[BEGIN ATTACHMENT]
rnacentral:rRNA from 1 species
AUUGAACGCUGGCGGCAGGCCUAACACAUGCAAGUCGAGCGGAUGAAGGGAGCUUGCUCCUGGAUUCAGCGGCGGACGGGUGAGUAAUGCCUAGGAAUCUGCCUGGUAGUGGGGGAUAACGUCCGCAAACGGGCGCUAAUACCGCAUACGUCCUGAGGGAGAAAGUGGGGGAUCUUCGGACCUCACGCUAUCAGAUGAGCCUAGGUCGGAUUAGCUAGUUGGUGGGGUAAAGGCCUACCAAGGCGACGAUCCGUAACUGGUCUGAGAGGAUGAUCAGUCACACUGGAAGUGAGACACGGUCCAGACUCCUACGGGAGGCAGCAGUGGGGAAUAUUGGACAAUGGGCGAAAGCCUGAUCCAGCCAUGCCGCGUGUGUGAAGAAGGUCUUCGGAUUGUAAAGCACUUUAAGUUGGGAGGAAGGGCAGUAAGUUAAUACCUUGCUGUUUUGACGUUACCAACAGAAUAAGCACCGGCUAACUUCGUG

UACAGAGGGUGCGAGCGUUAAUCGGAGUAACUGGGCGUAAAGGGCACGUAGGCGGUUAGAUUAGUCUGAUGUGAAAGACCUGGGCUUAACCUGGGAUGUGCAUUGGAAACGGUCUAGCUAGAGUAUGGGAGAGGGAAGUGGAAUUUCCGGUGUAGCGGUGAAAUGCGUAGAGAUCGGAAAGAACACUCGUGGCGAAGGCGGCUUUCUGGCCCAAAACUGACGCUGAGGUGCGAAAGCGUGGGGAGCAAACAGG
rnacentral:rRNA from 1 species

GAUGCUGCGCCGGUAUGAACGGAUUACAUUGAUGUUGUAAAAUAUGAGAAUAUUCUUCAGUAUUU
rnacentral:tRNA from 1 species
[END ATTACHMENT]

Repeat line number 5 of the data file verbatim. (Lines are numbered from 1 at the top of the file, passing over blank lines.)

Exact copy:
GAUGCUGCGCCGGUAUGAACGGAUUACAUUGAUGUUGUAAAAUAUGAGAAUAUUCUUCAGUAUUU